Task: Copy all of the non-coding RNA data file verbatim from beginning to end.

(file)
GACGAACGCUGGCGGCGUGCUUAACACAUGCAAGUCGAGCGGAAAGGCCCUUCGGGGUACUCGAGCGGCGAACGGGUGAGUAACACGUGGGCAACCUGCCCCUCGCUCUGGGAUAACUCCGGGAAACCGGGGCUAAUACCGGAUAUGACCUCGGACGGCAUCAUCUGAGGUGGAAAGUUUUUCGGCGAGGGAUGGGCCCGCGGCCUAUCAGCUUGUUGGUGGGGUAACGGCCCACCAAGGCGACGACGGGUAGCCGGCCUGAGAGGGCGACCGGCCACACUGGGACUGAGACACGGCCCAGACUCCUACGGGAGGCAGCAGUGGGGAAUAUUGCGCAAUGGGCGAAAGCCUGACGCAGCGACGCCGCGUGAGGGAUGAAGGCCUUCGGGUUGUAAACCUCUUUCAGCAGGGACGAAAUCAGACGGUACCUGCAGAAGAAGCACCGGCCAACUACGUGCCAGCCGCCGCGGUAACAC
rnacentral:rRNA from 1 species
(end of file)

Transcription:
GACGAACGCUGGCGGCGUGCUUAACACAUGCAAGUCGAGCGGAAAGGCCCUUCGGGGUACUCGAGCGGCGAACGGGUGAGUAACACGUGGGCAACCUGCCCCUCGCUCUGGGAUAACUCCGGGAAACCGGGGCUAAUACCGGAUAUGACCUCGGACGGCAUCAUCUGAGGUGGAAAGUUUUUCGGCGAGGGAUGGGCCCGCGGCCUAUCAGCUUGUUGGUGGGGUAACGGCCCACCAAGGCGACGACGGGUAGCCGGCCUGAGAGGGCGACCGGCCACACUGGGACUGAGACACGGCCCAGACUCCUACGGGAGGCAGCAGUGGGGAAUAUUGCGCAAUGGGCGAAAGCCUGACGCAGCGACGCCGCGUGAGGGAUGAAGGCCUUCGGGUUGUAAACCUCUUUCAGCAGGGACGAAAUCAGACGGUACCUGCAGAAGAAGCACCGGCCAACUACGUGCCAGCCGCCGCGGUAACAC
rnacentral:rRNA from 1 species